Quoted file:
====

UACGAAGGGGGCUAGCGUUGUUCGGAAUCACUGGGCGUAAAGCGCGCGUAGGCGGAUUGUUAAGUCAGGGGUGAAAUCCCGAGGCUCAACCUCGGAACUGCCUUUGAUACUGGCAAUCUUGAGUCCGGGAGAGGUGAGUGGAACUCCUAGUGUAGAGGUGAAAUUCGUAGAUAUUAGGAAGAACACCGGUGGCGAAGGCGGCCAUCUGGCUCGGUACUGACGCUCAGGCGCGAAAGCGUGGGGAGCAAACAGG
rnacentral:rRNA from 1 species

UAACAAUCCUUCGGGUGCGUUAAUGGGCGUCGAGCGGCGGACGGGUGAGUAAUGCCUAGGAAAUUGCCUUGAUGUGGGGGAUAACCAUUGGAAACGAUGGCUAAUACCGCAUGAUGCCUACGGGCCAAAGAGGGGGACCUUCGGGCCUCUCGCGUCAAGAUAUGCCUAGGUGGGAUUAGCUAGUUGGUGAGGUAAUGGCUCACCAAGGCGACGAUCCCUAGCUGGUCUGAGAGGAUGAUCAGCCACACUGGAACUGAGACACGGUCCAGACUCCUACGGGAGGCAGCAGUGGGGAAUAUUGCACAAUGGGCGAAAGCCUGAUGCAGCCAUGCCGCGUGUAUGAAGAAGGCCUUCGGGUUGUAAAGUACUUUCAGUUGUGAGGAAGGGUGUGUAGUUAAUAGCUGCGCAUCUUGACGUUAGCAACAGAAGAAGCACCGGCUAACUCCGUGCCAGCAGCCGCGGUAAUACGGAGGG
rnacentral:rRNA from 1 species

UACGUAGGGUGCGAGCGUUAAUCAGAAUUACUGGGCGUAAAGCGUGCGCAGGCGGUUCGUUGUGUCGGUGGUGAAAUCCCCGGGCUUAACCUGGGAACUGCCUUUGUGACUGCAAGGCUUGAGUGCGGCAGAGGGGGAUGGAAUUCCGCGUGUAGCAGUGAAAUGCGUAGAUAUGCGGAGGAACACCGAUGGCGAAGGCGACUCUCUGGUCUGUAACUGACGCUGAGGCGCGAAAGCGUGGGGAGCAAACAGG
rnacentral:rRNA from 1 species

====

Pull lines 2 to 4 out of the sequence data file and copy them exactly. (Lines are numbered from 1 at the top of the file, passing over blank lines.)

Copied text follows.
rnacentral:rRNA from 1 species

UAACAAUCCUUCGGGUGCGUUAAUGGGCGUCGAGCGGCGGACGGGUGAGUAAUGCCUAGGAAAUUGCCUUGAUGUGGGGGAUAACCAUUGGAAACGAUGGCUAAUACCGCAUGAUGCCUACGGGCCAAAGAGGGGGACCUUCGGGCCUCUCGCGUCAAGAUAUGCCUAGGUGGGAUUAGCUAGUUGGUGAGGUAAUGGCUCACCAAGGCGACGAUCCCUAGCUGGUCUGAGAGGAUGAUCAGCCACACUGGAACUGAGACACGGUCCAGACUCCUACGGGAGGCAGCAGUGGGGAAUAUUGCACAAUGGGCGAAAGCCUGAUGCAGCCAUGCCGCGUGUAUGAAGAAGGCCUUCGGGUUGUAAAGUACUUUCAGUUGUGAGGAAGGGUGUGUAGUUAAUAGCUGCGCAUCUUGACGUUAGCAACAGAAGAAGCACCGGCUAACUCCGUGCCAGCAGCCGCGGUAAUACGGAGGG
rnacentral:rRNA from 1 species